You finally finished the first draft of your book! That’s a serious cause for celebration as far as I’m concerned. It’s unfortunate how many of us have amazing book ideas and don’t actually write it for one reason or another. But you did it! You found an editor that you like and have some level of professional trust in them – I hope. If you’re still looking for a book editor, this post will let you know what questions to ask before hiring one.
So your editor checks out. You send the book to be edited and wait for their feedback. Now what? This is a critical point for any writer that’s passionate about what they’ve written. There’s a lot of room for both you and the editor to drop the ball here. Please don’t let it be you. Here are your do’s and don’ts.
DO LET THE EDITOR WORK
This is my attempt at nicely telling you to be patient. Sending messages to the editor to “check in” isn’t going to speed up the process. If your editor is nice enough to respond, their progress will be slowed down to converse with you. I know you want to believe that your book is the only thing that the editor has to do but believe me it’s not. So if they gave a specific time frame for the work to be done (and they should’ve), then let them work so they can honor that time frame.
DO PAY ATTENTION TO YOUR EMAILS
…or whatever your method of communication is with your editor. As they go through your manuscript questions might arise and you need to answer them ASAP to help them do their job to satisfaction. If you don’t respond timely there is a great possibility that you’ll receive your book back with incomplete editing. Ongoing communication is something that I address in the contract for every project that I work.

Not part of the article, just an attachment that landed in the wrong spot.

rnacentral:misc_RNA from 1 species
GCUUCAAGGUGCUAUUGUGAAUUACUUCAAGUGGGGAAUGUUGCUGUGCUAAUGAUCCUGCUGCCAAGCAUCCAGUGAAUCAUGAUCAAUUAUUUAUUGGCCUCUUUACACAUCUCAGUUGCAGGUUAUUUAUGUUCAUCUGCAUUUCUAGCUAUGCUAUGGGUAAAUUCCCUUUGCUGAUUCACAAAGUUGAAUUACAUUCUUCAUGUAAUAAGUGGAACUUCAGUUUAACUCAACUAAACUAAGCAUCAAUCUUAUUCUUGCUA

DO PREPARE TO BE HURT
If you’re having your first book edited then you’ll see what I mean shortly. You’ve spent all kinds of time working on your book I assume. Days, weeks and possibly years making sure it was perfect. It’s very close to your heart and you know it’s destined to be a bestseller. I’ll let you know right now that when you get your manuscript back from the editor, it’s very possible that you’re going to feel like your insides have been ripped out. I’ve never experienced heartbreak but I imagine that going through a first round of book edits feels something like it. Try to keep in the forefront of your mind that the editor isn’t out to kill your spirit. Their job is to get your book ready for publishing so focus on what tips they give that’ll help with your writing in the future.
DON’T EDIT YOUR OWN BOOK
Not after you’ve already submitted it to the editor. Imagine being hard at work doctoring a book up for your client and getting this email:
Hey there editor of mine
who I think is on call for me 24/7
I know you’re already working on the edits for “The Best Book Ever,” but I was reading through it again and noticed a typo on page 72, paragraph 3. I meant to say “chill” not “chip.” I’m just letting you know because I don’t trust you enough to figure out the typo on your own.
Be a sweetie and add that to your list of edits. Thanks!
You might not say the words that have the strike-through but that’s how your editor might read it. Remember the first “do”? Scroll up and read it again.
The relationship between you and your editor should be very straightforward. Ask questions before the work begins so that you know what to expect.
Have you ever had a book edited before? Are you working on a book now? I’d be thrilled to hear about it! Let me know in the comments.